The collaborations between clinical experts at City of Hope and basic science colleagues at TGen have contributed to advancements in the understanding of not just the microbiome, but also in cancer biology and clinical outcomes at large.
“Our strong relationship with the microbiome team at TGen has fruitfully produced novel insights into the clinical implications of the microbiome in kidney cancer, among other cancer types,” said Pal, who is an internationally recognized leader in the area of genitourinary cancers.
Just last month, City of Hope and TGen launched a project to use one of the world’s most comprehensive genomic analysis tools to map out personalized treatment plans for metastatic kidney cancer patients.
“This current study is a further testament to the collaborative research structure we’ve developed between the affiliate institutions,” said Pal. “Through these collaborations we can implement both a bench-to-bedside and bedside-to-bench research model that will lead to better patient care at City of Hope through access to clinical trials and precision medicine approaches.”
The paper, titled “Stool Microbiome Profiling of Patients with Metastatic Renal Cell Carcinoma Receiving Anti–PD-1 Immune Checkpoint Inhibitors,” features additional City of Hope and TGen authors, along with a researcher from the Centro de Oncologia do Paraná in Curitiba, Brazil. Portions of the work were supported by a grant from Bristol-Myers Squibb.
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About City of Hope
City of Hope is an independent biomedical research and treatment center for cancer, diabetes and other life-threatening diseases. Founded in 1913, City of Hope is a leader in bone marrow transplantation and immunotherapy such as CAR T cell therapy. City of Hope’s translational research and personalized treatment protocols advance care throughout the world. Human synthetic insulin and numerous breakthrough cancer drugs are based on technology developed at the institution. A National Cancer Institute-designated comprehensive cancer center and a founding member of the National Comprehensive Cancer Network, City of Hope has been ranked among the nation’s “Best Hospitals” in cancer by U.S. News & World Report for 14 consecutive years. Its main campus is located near Los Angeles, with additional locations throughout Southern California. For more information about City of Hope, follow us on Facebook, Twitter, YouTube or Instagram.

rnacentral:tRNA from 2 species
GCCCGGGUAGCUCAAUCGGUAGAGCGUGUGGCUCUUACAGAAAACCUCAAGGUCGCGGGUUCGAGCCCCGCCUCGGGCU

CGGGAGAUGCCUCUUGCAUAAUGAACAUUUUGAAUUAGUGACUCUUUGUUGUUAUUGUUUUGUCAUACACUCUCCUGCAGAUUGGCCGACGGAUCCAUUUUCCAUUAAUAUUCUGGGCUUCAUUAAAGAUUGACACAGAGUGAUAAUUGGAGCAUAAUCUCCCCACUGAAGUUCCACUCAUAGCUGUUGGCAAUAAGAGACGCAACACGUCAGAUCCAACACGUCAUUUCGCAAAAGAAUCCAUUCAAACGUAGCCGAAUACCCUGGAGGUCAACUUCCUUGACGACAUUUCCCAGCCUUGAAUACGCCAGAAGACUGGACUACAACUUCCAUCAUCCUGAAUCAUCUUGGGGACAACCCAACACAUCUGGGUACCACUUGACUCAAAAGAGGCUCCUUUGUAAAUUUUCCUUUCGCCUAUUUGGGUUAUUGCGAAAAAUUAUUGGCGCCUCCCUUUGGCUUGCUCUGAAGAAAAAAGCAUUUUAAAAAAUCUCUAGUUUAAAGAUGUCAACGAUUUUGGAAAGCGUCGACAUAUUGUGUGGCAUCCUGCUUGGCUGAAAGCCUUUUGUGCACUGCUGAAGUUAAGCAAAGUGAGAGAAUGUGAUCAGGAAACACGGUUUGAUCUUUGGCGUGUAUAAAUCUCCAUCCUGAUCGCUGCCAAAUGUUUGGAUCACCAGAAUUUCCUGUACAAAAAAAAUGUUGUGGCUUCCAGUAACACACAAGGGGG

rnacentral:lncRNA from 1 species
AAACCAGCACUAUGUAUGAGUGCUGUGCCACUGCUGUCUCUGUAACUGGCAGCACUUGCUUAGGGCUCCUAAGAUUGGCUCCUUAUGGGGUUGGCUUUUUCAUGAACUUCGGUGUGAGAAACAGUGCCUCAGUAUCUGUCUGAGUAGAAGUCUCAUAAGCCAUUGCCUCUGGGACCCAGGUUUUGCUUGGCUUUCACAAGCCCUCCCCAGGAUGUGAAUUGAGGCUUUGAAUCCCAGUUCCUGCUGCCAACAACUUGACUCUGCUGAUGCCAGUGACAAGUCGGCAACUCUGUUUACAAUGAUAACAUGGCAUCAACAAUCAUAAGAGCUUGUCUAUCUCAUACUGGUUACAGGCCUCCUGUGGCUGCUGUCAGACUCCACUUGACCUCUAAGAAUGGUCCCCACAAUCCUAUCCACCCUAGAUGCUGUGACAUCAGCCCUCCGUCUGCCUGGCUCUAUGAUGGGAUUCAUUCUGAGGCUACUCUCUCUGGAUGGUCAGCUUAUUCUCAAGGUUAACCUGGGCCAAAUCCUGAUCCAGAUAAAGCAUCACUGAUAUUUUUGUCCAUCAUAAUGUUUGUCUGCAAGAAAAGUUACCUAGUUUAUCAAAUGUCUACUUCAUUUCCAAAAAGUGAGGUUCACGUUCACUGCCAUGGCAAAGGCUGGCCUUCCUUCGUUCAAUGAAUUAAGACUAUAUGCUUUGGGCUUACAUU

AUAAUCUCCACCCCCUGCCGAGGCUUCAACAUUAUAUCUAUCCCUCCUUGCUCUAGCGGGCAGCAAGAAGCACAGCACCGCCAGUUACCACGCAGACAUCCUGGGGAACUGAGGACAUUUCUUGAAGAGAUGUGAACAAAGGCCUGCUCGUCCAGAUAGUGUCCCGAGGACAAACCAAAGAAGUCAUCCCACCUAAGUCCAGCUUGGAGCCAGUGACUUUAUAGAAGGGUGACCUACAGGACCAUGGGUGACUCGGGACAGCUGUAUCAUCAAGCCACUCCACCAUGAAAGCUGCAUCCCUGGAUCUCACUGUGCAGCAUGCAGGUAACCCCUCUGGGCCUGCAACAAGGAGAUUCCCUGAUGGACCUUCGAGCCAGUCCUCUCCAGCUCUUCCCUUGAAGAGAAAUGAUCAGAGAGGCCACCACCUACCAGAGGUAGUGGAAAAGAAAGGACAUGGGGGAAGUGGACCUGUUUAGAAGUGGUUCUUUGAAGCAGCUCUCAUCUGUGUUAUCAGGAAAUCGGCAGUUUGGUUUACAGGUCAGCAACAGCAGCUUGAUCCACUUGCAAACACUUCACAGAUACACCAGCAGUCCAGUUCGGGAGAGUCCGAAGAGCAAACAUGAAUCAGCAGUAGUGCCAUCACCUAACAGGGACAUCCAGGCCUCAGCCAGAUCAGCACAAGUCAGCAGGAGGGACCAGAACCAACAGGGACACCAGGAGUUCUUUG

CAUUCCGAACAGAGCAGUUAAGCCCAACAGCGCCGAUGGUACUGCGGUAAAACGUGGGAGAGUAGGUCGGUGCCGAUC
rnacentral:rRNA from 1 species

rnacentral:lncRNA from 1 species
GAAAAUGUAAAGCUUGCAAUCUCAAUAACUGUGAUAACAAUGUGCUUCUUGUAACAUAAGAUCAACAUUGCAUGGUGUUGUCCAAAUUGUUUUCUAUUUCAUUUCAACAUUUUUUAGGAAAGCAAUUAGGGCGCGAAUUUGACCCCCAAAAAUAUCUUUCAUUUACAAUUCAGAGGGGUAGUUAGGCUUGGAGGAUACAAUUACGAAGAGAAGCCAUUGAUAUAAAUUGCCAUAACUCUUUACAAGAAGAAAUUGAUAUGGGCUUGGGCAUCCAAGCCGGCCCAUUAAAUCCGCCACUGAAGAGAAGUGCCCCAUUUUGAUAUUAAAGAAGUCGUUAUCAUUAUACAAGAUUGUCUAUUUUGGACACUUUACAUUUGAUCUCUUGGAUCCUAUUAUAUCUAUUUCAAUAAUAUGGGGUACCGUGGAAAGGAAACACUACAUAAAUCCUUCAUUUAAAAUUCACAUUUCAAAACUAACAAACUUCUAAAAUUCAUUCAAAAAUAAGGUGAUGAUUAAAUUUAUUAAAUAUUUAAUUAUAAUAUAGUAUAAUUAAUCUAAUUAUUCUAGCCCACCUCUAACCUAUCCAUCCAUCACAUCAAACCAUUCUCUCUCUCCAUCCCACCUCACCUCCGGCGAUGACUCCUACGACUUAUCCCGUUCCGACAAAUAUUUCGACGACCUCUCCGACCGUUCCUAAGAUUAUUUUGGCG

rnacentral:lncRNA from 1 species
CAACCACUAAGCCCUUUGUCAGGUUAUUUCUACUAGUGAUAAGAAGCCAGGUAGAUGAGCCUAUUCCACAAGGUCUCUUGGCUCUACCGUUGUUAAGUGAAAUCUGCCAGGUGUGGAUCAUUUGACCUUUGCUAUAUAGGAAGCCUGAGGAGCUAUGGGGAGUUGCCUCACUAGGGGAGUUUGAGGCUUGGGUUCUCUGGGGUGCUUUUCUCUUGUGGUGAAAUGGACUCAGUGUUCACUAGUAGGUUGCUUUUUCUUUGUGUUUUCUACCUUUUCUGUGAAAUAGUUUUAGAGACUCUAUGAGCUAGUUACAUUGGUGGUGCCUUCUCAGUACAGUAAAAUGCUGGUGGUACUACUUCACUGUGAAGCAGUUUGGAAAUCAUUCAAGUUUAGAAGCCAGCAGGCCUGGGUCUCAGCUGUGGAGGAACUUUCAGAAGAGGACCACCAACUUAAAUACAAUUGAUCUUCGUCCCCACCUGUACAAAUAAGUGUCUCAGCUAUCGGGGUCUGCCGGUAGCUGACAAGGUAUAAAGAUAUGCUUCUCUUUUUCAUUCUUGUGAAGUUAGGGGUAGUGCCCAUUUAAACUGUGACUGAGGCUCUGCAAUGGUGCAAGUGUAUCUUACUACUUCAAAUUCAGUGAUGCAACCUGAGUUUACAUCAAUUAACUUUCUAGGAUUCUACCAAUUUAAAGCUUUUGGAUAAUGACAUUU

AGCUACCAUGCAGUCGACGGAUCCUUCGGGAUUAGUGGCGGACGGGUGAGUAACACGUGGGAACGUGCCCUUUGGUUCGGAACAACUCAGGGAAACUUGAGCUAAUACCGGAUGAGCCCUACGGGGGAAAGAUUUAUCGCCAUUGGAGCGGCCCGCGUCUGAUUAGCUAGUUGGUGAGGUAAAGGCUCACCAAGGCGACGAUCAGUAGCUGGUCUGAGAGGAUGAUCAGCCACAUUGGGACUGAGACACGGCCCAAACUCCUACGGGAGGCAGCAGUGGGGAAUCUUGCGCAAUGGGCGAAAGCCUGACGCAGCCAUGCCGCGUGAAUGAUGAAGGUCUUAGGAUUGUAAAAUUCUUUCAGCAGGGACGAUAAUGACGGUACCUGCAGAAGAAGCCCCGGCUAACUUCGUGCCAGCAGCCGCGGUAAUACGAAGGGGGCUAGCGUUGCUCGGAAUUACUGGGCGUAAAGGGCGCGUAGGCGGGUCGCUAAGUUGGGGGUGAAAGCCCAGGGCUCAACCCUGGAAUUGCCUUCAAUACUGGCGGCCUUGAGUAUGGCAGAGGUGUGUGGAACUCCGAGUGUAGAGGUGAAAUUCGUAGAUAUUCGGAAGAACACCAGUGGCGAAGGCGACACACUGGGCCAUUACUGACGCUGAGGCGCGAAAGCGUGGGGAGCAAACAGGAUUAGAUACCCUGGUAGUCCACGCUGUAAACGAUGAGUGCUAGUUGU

About TGen, an affiliate of City of Hope
Translational Genomics Research Institute (TGen) is a Phoenix, Arizona-based nonprofit organization dedicated to conducting groundbreaking research with life-changing results. TGen is affiliated with City of Hope, a world-renowned independent research and treatment center for cancer, diabetes and other life-threatening diseases: CityofHope.org. This precision medicine affiliation enables both institutes to complement each other in research and patient care, with City of Hope providing a significant clinical setting to advance scientific discoveries made by TGen. TGen is focused on helping patients with neurological disorders, cancer, diabetes and infectious diseases through cutting-edge translational research (the process of rapidly moving research toward patient benefit). TGen physicians and scientists work to unravel the genetic components of both common and complex rare diseases in adults and children. Working with collaborators in the scientific and medical communities worldwide, TGen makes a substantial contribution to help our patients through efficiency and effectiveness of the translational process. For more information, visit: tgen.org. Follow TGen on Facebook, LinkedIn and Twitter @TGen.